Russia’s war in Ukraine has done more than scramble the already volatile energy market, however. It has also revealed confusion among Western leaders and major oil-consuming countries about how to manage energy shocks while still addressing the looming threat of climate change. The G-7, for instance, has discussed abandoning its 2021 commitment to stop financing overseas fossil fuel projects, and many European countries have restarted previously shuttered coal-fired power plants over fears of a Russian natural gas shutdown.
In turn, climate advocates have called for a speedier transition to renewable power, touting green energy’s security advantages. But barriers to new climate-friendly investments are nearly as steep as those facing oil, given the rising costs of raw materials needed to construct new wind turbines, solar panels, electric vehicles, and lithium batteries. As a result, political and economic forces in the United States are now pulling President Joe Biden in two directions—he must urge U.S. companies to invest in more oil production on the one hand and retain a rhetorical commitment to an energy transition on the other.
Despite these tensions, the United States has an array of policy options at its disposal. To bolster its energy security and smooth the transition away from fossil fuels, Washington should take a more assertive approach to managing the oil market. Suspending the Jones Act—a law that prevents foreign vessels from carrying fuel between U.S. ports—for instance, could reduce energy prices in the United States by decreasing transport costs. Biden could also use additional timed releases from the Strategic Petroleum Reserve to help stabilize prices. Simultaneously, Washington could use the Defense Production Act, a Cold War–era law that allows the government to mandate industrial production in the name of national security, to reduce bottlenecks and shortages of key materials needed to expand energy production, such as steel pipe and fracking sand. Biden could also pair these measures with a program to subsidize oil refinery operations. Such a policy would ensure that adequate capacity exists to meet domestic needs, even during a crisis. Finally, to encourage new investments, Washington could offer security to owners of oil and gas assets, backstopping their investments to ensure that they stay in business in the event of an emergency.
Washington must take a more assertive approach to managing the oil market.
At the same time, the U.S. government should take a long-term approach to increasing renewable energy production and reducing domestic fossil fuel consumption. Here, too, Washington has a variety of available tools. For one, Biden could boost domestic investment in wind and solar power, including by increasing the number of offshore leases for wind turbines. Offshore wind is in the early stages of development on the U.S. East Coast, and the first leases for the West Coast were proposed in May 2022. The United States could also work to implement a carbon tax or offer tax incentives for nonfossil fuel energy utilities. Such policies would help steer private investment into renewables, along the lines of Biden’s 2021 Build Back Better plan, making clean energy more competitive and popular over the long term. Additionally, Washington could increase its support for investments in the raw materials needed to manufacture electric vehicles, wind turbines, solar panels, and batteries. These measures could include simplifying guidelines for opening and operating new mines and using Defense Production Act funds to offset costs.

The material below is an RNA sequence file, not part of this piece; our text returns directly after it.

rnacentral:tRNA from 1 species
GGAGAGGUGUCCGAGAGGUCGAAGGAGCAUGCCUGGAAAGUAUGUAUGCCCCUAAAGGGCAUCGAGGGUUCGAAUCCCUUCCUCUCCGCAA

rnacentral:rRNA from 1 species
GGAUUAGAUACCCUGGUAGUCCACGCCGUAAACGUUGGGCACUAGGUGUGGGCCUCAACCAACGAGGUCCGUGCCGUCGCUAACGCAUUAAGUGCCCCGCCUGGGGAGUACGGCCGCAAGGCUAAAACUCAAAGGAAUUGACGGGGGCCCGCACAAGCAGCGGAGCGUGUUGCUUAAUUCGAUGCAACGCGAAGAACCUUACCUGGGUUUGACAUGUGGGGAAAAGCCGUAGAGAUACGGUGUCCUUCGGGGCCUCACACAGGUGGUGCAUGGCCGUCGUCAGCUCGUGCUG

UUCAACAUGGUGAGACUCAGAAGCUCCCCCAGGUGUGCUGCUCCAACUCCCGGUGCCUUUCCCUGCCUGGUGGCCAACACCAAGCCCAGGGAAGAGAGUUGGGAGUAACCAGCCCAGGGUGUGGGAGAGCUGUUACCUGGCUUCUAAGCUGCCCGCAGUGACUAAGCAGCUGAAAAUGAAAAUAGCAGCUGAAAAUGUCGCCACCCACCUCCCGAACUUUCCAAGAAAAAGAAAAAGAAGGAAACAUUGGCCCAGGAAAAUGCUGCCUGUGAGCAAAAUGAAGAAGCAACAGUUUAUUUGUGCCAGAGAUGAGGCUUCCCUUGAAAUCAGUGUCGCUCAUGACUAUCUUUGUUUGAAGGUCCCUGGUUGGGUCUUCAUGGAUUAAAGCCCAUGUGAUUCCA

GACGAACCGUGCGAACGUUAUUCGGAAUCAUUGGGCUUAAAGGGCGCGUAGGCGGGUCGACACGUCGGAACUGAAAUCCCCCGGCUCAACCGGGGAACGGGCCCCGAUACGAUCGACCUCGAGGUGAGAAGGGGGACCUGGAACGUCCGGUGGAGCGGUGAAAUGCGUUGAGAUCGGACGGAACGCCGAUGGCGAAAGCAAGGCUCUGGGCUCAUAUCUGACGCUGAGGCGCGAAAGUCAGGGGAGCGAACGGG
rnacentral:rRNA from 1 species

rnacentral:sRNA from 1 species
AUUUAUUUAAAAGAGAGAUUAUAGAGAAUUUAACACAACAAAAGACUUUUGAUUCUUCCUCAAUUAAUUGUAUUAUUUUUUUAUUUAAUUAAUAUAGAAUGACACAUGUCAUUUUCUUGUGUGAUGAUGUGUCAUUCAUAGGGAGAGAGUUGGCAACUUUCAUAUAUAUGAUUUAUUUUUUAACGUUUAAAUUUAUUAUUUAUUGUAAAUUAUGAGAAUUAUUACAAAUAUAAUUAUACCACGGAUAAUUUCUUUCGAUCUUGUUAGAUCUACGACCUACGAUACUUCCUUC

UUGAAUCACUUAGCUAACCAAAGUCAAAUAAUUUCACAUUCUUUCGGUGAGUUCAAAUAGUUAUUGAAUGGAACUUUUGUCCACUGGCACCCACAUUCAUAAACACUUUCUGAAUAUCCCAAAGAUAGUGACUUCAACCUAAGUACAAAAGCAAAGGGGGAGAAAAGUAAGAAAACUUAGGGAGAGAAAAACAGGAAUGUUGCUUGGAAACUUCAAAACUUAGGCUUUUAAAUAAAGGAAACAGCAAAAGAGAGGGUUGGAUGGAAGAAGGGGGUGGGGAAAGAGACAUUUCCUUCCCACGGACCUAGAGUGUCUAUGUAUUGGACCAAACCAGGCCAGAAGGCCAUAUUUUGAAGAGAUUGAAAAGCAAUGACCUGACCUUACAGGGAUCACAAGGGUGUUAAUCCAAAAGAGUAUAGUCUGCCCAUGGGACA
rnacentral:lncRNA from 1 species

After the crises of the 1970s ended a period of market stability, governments did little to mitigate the risk of oil price shocks. Instead, they surrendered to a volatile market that seemed beyond their control. As Megan L. O’Sullivan and Jason Bordoff have argued in Foreign Affairs, this situation is likely to change; greater state involvement in energy policy will be a major outcome of the current price shock. For energy-consuming Western countries, such a shift is necessary—both as a way of improving energy security and as a means of meeting the looming threat of climate change.
To be sure, a laissez-faire attitude toward energy markets played a major role in four decades of economic growth. But a new era requires a new approach. Steering clear of future shocks on the scale of the 2014–16 price collapse, the COVID-19 pandemic, and Russia’s invasion of Ukraine requires active management. To avoid new crises and facilitate a smooth transition away from fossil fuels, the United States and its allies must develop a coordinated and strategic approach, driven by state power, to manage the flow of energy and tame oil’s volatility.